Charlie Hall used to work as a thief, stealing for and from magicians—or rather, “gloamists.” In this world, gloamists are people with magical shadows that are alive, gaining strength from the gloamists' own blood. A gloamist can learn to manipulate the magic of their shadow, doing everything from changing how it looks to using it to steal, possess a person, or even murder. Gloamists hire nonmagical people like Charlie to steal precious and rare magical documents written by their kind throughout history and detailing their research and experiments in shadow magic. Gloamists can use onyx to keep each other from sending shadows to steal these treasures, but onyx won't stop regular humans from old-fashioned breaking and entering. After Charlie’s talent for crime gets her into too much trouble, she swears off her old career and tries to settle down with her sensible boyfriend, Vince—but when she finds a dead man in an alley and notices that even his shadow has been ripped to pieces, she can’t help trying to figure out who he was and why he met such a gruesome end. Before she knows it, Charlie is forced back into a life of lies and danger, using her skills as a thief to find a book that could unleash the full and terrifying power of the shadow world. Black is a veteran fantasy writer, which shows in the opening pages as she neatly and easily guides the reader through the engrossing world of gloamists, magical shadows, and Charlie’s brand of criminality. There's a lot of flipping back and forth between the past and the present, and though both timelines are well plotted and suspenseful, the story leans a touch too hard on the flashbacks. Still, the mystery elements are well executed, as is Charlie’s characterization, and the big twist at the end packs a satisfying punch.

Hits the marks for spooky thrills and mysterious chills.

Pub Date: May 3, 2022

ISBN: 978-1-250-81219-3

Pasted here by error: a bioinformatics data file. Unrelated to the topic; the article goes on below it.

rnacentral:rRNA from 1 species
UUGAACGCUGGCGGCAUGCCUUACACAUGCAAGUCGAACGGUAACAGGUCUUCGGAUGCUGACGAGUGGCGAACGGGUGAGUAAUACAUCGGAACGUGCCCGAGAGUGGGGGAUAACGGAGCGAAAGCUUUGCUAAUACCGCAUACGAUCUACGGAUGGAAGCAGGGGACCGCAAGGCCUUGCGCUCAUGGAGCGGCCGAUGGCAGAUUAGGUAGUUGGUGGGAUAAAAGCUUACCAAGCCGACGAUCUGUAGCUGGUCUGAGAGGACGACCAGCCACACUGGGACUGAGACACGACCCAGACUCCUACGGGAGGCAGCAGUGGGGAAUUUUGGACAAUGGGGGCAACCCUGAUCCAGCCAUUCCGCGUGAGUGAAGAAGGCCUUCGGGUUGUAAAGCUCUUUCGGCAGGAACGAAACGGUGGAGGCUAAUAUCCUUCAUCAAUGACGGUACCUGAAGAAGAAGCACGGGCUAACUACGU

Page Count: 320

Publisher: Tor

Review Posted Online: Feb. 5, 2022

Kirkus Reviews Issue: March 1, 2022

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With captivating dialogue, angst-y characters, and a couple of steamy sex scenes, Hoover has done it again.

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After being released from prison, a young woman tries to reconnect with her 5-year-old daughter despite having killed the girl’s father.

Kenna didn’t even know she was pregnant until after she was sent to prison for murdering her boyfriend, Scotty. When her baby girl, Diem, was born, she was forced to give custody to Scotty’s parents. Now that she’s been released, Kenna is intent on getting to know her daughter, but Scotty’s parents won’t give her a chance to tell them what really happened the night their son died. Instead, they file a restraining order preventing Kenna from so much as introducing herself to Diem. Handsome, self-assured Ledger, who was Scotty’s best friend, is another key adult in Diem’s life. He’s helping her grandparents raise her, and he too blames Kenna for Scotty’s death. Even so, there’s something about her that haunts him. Kenna feels the pull, too, and seems to be seeking Ledger out despite his judgmental behavior. As Ledger gets to know Kenna and acknowledges his attraction to her, he begins to wonder if maybe he and Scotty’s parents have judged her unfairly. Even so, Ledger is afraid that if he surrenders to his feelings, Scotty’s parents will kick him out of Diem’s life. As Kenna and Ledger continue to mourn for Scotty, they also grieve the future they cannot have with each other. Told alternatively from Kenna’s and Ledger’s perspectives, the story explores the myriad ways in which snap judgments based on partial information can derail people’s lives. Built on a foundation of death and grief, this story has an undercurrent of sadness. As usual, however, the author has created compelling characters who are magnetic and sympathetic enough to pull readers in. In addition to grief, the novel also deftly explores complex issues such as guilt, self-doubt, redemption, and forgiveness.

With captivating dialogue, angst-y characters, and a couple of steamy sex scenes, Hoover has done it again.

Pub Date: Jan. 18, 2022

ISBN: 978-1-5420-2560-7

Page Count: 335

Publisher: Montlake Romance

Review Posted Online: Oct. 13, 2021

Kirkus Reviews Issue: Nov. 1, 2021